Answer: San Diego
Remember that time I thought Low Gap was cold? That night the temperature got down to 28 degrees (obviously Fahrenheit, Centigrade can suck it). Cold enough to have me in my sleeping bag by 7:30pm. Cold enough to frost my rain fly. Cold enough to make sleeping as unlikely as being at a Gilbert Godfrey book reading.
Compared to tonight- however- merely a mild chill. It’s 7:40pm at Cold Spring Shelter – and already the temperature is down to 33 degrees. There’s a total of 12 people in the shelter’s vicinity and exactly zero of them are not within three feet of the oversized fire or tucked in their sleeping bags. I opted for the latter- I’m a comfy bastard like that.
And of the ~2,000 people on the trail this year, no one is more ill equipped than Whoop and Badger.
Previous to my 2.5 year San Diego stay- I did 18 in the upper Midwest . Anything over 50 degrees was shorts weather (fact). San Diego has turned me into a softy. And I’m not alone- 63 degrees in San Diego translates to a sweatshirt and pants for anyone aside from tourists (cargo shorts are a double giveaway). My acceptable temperature window narrowed to a range of 68 – 76; 77 was too hot, 67, too cold.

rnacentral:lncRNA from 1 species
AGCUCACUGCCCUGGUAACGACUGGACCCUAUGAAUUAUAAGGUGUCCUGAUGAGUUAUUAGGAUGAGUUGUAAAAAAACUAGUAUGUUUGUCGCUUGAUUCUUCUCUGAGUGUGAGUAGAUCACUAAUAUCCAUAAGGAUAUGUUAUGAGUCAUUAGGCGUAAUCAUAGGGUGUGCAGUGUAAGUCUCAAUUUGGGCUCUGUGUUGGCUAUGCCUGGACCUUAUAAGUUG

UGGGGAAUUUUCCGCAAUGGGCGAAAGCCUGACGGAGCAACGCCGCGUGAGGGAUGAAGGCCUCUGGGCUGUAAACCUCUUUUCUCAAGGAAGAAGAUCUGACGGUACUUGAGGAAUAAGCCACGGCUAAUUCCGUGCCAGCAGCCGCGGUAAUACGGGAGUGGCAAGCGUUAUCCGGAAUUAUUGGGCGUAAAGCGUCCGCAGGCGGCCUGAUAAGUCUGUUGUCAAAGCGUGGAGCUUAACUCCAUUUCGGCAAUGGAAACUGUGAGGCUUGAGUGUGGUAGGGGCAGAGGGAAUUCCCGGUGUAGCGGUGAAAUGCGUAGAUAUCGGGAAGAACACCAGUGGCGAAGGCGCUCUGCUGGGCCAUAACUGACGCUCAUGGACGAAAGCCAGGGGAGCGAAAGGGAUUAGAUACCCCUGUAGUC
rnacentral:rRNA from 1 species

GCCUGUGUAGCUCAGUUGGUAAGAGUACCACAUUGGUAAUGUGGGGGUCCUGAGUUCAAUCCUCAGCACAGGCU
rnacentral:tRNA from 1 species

Now I’m living in an environment where you can experience four season in 48 hours.
Mother nature pulled a great April Fools Joke on us. Last night’s low got down to 14. Suck. It.
You may be wondering what one wears in weather like that..?
Every damn article of clothing in my pack was on my frosty body. Then the procedure calls to wrap your mummy bag around your head and eagerly await sunrise so the idea of unthawing can start to replace all of the four letter words working their way through your brain.
Silver Lining #1: the extra level of chill didn’t actually seem worse than the Low Gap frost. I think I’m shedding my San Diego skin (that’s good because my Wisconsin skin is made of beer, cheese, and brats- a much better insulator).
Silver Lining #2: Hiking in snow is pretty badass.